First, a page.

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A Jewish State
Theodor Herzl proposes a solution to the 'Jewish Question' and to anti-Semitism: a separate and independent ...
My Father's Girl
Jane Addams, whose Hull-House became a symbol of progressive reform, here remembers her father who helped ...
Paris Goes to War
As the World War engulfs Europe in August 1914, Edith Wharton reports from Paris on the ...
Lord Charnwood recounts the development and importance of Lincoln’s Emancipation Proclamation, a signal event in American ...
Darwin Changes His Mind
Here is Darwin’s account of his visit to the Galapagos Islands with its myriad species, which ...
A Grand Way to Chronicle a War
A fascinating glimpse of World War II journalism behind the front lines at Paris’s Hotel Scribe, ...
The Genius and the Jerk
Walter Vatter explores the early years of Steve Jobs--was he a genius, or simply an expert ...
Portrait of the Monster as a Young Man
Hitler’s formative years, 1889 to 1918, which reveal the sources ...
Facing an Economic Revolution - Preview
The View from the Early Twentieth Century
There is one great basic fact which underlies all the questions that are discussed on the political platform at the present moment. That singular fact is that nothing is done in this country as it was done twenty years ago.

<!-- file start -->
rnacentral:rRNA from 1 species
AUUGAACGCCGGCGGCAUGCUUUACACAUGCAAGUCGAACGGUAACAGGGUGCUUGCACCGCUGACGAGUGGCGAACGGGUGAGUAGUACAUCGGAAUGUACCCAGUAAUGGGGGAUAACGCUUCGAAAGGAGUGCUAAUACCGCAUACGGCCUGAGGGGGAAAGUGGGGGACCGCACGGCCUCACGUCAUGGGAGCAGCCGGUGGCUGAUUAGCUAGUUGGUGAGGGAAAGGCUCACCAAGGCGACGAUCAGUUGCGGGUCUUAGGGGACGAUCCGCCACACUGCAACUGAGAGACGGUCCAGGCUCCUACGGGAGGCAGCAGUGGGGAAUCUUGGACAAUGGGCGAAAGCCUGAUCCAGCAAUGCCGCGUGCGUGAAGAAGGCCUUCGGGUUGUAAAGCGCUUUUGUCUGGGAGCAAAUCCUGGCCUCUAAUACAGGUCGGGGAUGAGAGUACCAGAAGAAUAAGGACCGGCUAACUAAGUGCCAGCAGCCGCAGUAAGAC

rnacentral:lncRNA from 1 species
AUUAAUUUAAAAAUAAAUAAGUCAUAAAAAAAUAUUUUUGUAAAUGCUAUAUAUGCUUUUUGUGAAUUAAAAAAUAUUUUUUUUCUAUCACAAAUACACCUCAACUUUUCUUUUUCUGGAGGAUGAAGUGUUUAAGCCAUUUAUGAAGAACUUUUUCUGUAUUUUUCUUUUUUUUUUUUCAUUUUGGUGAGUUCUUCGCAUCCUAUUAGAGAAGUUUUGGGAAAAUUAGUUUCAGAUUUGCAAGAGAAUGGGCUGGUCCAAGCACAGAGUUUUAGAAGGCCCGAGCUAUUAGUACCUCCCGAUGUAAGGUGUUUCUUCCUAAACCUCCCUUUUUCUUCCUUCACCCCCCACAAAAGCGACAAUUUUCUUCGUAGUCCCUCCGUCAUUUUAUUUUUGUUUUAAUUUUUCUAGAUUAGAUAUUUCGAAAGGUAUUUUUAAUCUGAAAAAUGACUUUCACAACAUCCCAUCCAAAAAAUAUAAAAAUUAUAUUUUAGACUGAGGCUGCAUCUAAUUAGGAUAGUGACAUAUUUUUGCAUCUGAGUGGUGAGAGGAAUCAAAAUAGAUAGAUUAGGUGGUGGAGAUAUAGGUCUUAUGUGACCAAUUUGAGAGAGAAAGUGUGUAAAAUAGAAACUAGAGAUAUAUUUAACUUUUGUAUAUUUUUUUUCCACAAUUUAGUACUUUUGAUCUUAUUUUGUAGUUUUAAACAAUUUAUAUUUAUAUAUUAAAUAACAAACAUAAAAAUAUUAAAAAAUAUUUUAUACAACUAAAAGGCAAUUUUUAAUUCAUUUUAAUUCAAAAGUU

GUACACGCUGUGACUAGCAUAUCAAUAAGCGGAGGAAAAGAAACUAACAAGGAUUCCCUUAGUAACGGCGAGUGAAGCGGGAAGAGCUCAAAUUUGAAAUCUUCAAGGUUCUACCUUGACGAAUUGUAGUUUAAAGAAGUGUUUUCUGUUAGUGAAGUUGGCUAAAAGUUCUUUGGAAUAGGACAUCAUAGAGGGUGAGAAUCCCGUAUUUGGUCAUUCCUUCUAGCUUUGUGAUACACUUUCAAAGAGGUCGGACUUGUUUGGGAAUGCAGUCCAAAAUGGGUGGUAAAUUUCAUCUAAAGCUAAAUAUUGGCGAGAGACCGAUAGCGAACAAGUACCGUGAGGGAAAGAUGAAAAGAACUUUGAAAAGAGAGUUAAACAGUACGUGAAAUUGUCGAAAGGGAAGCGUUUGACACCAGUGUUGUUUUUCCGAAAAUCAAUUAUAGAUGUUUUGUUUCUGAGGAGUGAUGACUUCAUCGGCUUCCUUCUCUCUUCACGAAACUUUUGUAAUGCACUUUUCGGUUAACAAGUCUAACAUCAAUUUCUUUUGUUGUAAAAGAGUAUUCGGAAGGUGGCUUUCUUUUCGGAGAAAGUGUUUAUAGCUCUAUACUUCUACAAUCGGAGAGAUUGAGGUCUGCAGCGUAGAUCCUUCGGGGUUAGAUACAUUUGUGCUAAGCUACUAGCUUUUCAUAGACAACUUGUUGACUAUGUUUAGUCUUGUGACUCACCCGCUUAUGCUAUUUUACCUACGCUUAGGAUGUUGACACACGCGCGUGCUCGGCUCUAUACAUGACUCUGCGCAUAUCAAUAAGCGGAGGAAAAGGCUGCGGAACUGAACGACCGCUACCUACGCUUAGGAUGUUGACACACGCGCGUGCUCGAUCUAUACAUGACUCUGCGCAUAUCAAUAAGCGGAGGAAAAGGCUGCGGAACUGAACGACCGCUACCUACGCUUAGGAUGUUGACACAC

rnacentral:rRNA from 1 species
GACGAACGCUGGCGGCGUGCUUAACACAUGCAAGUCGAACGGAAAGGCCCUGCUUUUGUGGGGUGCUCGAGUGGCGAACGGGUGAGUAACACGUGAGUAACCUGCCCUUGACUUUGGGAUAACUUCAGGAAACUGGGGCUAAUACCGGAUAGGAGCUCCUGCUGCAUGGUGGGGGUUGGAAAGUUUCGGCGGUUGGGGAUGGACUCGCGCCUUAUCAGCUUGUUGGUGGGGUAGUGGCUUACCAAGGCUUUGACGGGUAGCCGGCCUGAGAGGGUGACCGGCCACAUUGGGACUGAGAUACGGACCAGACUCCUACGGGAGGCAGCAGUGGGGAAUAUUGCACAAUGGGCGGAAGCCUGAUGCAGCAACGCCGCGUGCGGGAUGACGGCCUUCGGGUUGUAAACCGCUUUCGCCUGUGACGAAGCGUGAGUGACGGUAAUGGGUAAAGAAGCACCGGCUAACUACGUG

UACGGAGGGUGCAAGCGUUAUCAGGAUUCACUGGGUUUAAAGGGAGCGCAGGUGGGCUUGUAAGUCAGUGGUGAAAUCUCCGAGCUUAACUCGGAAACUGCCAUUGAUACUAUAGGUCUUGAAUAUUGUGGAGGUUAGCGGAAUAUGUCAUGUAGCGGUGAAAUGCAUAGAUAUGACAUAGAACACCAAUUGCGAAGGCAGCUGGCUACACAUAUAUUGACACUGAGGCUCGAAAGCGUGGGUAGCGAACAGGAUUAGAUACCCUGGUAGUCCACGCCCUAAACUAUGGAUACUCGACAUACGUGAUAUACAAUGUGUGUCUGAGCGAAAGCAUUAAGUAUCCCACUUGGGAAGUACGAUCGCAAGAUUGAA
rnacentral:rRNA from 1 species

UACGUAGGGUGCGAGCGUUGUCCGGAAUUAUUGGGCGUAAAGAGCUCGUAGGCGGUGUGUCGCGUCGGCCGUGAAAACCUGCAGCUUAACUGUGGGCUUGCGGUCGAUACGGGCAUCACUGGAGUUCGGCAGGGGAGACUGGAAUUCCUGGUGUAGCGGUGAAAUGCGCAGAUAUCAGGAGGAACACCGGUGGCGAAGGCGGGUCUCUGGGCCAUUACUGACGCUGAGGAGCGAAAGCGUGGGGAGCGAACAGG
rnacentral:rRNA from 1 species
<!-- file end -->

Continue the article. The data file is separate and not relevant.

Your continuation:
We are in the presence of a new organization of society. Our life has broken away from the past. The life of America is not the life that it was twenty years ago; it is not the life that it was ten years ago. We have changed our economic conditions, absolutely, from top to bottom; and, with our economic society, the organization of our life. The old political formulas do not fit the present problems; they read now like documents taken out of a forgotten age. The older cries sound as if they belonged to a past age which men have almost forgotten. Things which used to be put into the party platforms of ten years ago would sound antiquated if put into a platform now. We are facing the necessity of fitting a new social organization, as we did once fit the old organization, to the happiness and prosperity of the great body of citizens; for we are conscious that the new order of society has not been made to fit and provide the convenience or prosperity of the average man. The life of the nation has grown infinitely varied. It does not center now upon questions of governmental structure or of the distribution of governmental powers. It centers upon questions of the very structure and operation of society itself, of which government is only the instrument. Our development has run so fast and so far along the lines sketched in the earlier day of constitutional definition, has so crossed and interlaced those lines, has piled upon them such novel structures of trust and combination, has elaborated within them a life so manifold, so full of forces which transcend the boundaries of the country itself and fill the eyes of the world, that a new nation seems to have been created which the old formulas do not fit or afford a vital interpretation of.